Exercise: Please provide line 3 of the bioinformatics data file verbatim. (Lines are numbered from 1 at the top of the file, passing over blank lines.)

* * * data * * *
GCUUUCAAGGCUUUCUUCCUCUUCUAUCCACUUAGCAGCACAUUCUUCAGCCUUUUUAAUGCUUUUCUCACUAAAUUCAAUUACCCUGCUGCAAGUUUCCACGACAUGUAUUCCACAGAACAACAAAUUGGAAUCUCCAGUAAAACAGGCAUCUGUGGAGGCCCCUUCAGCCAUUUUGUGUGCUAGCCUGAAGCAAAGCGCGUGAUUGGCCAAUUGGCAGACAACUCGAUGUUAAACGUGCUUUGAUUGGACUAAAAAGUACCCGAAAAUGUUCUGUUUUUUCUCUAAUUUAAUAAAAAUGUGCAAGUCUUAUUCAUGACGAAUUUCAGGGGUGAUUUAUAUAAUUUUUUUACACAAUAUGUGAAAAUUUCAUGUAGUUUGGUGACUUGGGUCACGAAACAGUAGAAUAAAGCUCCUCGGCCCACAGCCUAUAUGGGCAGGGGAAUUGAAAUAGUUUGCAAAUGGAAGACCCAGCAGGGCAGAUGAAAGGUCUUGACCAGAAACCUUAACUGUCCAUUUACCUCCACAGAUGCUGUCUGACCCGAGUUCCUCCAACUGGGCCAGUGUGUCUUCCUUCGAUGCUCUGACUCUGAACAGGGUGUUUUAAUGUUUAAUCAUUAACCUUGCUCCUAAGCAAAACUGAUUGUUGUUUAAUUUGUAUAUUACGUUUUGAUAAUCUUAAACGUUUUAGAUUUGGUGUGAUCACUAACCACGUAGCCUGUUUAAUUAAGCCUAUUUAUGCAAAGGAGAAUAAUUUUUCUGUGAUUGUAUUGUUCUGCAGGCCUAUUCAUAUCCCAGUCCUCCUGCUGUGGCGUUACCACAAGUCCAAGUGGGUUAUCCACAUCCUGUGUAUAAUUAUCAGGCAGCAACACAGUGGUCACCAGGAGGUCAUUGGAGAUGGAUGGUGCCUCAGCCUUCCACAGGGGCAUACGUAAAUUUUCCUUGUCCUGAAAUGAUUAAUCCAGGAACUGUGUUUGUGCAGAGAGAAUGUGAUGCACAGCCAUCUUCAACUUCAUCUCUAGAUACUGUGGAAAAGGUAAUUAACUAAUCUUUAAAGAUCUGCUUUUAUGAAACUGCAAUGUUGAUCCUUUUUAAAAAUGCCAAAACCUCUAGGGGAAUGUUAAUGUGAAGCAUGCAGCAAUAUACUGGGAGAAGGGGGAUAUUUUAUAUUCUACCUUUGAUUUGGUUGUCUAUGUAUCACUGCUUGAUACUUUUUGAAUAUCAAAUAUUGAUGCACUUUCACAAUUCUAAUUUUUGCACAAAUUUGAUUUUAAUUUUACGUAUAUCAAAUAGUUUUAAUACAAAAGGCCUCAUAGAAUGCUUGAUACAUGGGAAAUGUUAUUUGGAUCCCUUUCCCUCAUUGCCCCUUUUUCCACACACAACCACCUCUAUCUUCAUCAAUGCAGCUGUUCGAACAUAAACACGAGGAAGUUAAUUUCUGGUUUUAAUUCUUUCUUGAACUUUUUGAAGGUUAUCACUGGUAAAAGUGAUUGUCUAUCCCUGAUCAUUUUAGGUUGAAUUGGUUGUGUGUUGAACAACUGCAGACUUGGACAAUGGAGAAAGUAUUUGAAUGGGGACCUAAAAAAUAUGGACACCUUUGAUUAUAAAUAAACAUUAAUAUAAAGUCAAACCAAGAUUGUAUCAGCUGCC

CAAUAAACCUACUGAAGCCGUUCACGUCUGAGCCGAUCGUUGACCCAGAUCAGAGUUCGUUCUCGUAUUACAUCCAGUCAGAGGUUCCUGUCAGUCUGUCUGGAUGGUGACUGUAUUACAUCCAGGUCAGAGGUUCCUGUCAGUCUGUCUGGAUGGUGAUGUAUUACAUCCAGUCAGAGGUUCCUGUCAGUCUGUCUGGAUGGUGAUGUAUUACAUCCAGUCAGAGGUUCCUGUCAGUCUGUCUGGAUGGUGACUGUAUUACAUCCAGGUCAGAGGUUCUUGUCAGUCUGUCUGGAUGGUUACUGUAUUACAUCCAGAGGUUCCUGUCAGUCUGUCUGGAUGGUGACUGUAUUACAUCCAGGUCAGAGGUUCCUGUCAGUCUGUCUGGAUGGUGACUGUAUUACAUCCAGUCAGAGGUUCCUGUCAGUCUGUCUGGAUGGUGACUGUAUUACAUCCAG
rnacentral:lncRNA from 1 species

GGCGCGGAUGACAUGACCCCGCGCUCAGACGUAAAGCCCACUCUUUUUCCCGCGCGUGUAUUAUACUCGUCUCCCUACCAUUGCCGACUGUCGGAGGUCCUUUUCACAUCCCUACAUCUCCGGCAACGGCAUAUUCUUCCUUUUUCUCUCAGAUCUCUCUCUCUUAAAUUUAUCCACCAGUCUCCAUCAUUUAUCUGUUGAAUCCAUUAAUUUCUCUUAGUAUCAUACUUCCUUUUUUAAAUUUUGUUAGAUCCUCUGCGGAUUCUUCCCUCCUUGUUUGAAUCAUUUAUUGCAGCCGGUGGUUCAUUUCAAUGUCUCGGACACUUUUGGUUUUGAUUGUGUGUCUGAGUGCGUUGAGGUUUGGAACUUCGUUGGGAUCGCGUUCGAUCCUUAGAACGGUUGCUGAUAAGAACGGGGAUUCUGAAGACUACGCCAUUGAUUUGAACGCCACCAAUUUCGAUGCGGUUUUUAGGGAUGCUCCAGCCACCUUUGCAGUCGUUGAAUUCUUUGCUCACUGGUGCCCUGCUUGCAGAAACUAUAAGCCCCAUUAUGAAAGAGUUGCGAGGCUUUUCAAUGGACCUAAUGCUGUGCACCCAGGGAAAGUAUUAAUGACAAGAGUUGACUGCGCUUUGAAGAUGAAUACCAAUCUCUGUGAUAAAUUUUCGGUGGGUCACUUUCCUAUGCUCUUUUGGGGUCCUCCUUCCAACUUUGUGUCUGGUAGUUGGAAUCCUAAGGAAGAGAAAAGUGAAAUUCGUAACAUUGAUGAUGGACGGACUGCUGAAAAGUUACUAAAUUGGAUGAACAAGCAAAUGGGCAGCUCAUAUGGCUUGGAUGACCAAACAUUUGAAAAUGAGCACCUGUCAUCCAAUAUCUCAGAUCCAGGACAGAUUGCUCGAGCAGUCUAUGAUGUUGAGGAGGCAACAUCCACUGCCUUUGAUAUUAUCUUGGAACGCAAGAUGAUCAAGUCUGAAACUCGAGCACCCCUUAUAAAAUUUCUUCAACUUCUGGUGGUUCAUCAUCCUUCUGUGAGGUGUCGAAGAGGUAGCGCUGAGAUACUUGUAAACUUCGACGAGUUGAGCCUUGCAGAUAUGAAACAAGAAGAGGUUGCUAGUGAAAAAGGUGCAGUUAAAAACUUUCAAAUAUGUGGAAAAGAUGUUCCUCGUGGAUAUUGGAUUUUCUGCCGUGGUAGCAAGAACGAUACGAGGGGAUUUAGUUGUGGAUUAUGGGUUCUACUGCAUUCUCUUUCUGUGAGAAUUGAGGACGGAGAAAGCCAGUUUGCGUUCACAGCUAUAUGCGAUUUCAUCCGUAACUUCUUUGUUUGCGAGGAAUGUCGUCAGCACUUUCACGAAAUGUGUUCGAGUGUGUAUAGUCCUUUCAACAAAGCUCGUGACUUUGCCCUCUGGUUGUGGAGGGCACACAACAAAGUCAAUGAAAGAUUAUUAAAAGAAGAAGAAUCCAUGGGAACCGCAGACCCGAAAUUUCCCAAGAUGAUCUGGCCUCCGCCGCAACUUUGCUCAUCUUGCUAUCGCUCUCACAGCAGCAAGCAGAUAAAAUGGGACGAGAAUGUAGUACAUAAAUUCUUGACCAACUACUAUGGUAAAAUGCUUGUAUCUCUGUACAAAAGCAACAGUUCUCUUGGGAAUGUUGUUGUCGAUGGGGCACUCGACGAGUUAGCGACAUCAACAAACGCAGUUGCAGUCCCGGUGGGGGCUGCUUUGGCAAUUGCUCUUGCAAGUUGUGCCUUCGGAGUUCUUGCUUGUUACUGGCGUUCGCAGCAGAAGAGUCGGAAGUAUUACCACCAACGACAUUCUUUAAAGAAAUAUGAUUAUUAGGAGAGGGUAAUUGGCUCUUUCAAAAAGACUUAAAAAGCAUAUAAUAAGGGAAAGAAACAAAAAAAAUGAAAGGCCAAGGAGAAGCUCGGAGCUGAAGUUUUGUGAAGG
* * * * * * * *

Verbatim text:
rnacentral:lncRNA from 1 species